Fifty years after the Kothari Commission first recommended to raise public spending on education to 6% of India’s GDP — and despite repeated mentions in successive National Education Policies and in the poll promises of various governments — India is far away from meeting the goal.
In a press conference on Sunday, Prakash Javadekar, minister of human resource and development stated that, if you combine the expenditure of both the centre and state governments, India will roughly be spending 4.5% of its GDP on education. But the minister got the numbers wrong. The recently released Economic Survey estimates that India spent just 2.9% of its GDP on education for the year 2016-17, the most recent year for which estimates are available. The budgetary allocation of the Union government for 2017-18 won’t change that either.
The numbers also contradict the minister’s claim that the Modi government is progressing towards the 6% goal: data show that the government has not increased education spending, as a proportion of GDP, in the last two years. From 2001 onwards, government (centre and state together) spending on education has been hovering around 3% of GDP, reaching a low of 2.59% in 2007-08 and a high of 3.1% in 2013-14.
Further, Javadekar said that the private investment, and not government spending alone, must also be accounted for when considering the 6% figure. Only then we will have 6% of GDP spent on education, he said. By saying this, the minister is moving away from the promise made by his party (BJP) in its election manifesto of 2014, which said: “Public spending on education would be raised to 6% of the GDP, and involving the private sector would further enhance this” (emphasis added).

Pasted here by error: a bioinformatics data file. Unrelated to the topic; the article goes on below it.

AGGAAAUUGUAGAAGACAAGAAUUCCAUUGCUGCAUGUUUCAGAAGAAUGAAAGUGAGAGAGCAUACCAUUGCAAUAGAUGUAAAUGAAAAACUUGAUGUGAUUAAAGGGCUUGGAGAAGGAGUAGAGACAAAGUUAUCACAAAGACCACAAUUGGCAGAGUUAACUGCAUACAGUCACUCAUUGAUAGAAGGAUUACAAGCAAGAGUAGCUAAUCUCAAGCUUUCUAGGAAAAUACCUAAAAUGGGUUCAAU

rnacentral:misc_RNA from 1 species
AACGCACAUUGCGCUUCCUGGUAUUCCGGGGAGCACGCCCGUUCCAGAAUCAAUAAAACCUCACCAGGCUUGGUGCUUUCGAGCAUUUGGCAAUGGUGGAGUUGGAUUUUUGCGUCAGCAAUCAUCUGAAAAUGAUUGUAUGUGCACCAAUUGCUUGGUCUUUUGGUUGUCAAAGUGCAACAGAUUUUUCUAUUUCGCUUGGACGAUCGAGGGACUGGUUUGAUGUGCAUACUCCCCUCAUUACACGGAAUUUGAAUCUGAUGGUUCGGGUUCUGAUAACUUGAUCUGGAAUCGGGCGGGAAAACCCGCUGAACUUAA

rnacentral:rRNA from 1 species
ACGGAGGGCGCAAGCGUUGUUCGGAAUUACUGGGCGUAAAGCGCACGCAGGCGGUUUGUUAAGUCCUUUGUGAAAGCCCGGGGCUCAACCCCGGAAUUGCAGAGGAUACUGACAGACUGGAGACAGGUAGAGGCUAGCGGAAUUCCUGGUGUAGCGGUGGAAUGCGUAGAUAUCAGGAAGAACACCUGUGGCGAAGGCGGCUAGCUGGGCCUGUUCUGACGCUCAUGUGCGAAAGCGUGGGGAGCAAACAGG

Javadekar’s misinterpretation of the 6% figure is not the first of its kind. In a 2007 paper in Economic & Political Weekly, Dr Jandhyala B G Tilak, professor of educational finance at National University of Educational Planning and Administration, decried “attempts to misinterpret the facts, to quantitatively under-define the goals, to cover our dismal failures and to boast of our (pseudo) achievements.”
There are more problems. Over the last six years, for instance, allocation to Sarva Shiksha Abhiyaan (SSA), the government’s flagship programme for universal elementary education, falls far short of the central share approved by the ministry of human resource development (MHRD), according to an analysis by the Centre for Budget and Governance Accountability. In 2017-18, while MHRD estimated a resource demand of Rs 55,000 crores for SSA, only Rs. 23,500 crore was allocated—42.7% of the approved outlay.
“This clearly indicates that the Ministry of Finance has not been able to fulfil the commitments made by the MHRD,” the report says.
Explaining the gap in SSA funding, an MHRD official told HT that, ever since the recommendations of the Fourteenth Finance Commission (FFC) were accepted in 2015-16, the onus to fulfil the budgetary requirements of SSA now lies with the states, as they are now expected to fund 40% of SSA, when previously they were only expected to fund 25%. Yet even before the FFC recommendations were put in place, the funding targets were not met.
An analysis of the budgets of 17 states by PRS Legislative Research found that expenditure by the states on key social and economic sectors, including education, has not changed substantially following the implementation of the FFC recommendations in 2015-16. The actual spending figures for 2015-16, which will provide a clearer picture of the impact of finance commission recommendations on social spending, will start to become available in the coming months as states release their budget documents.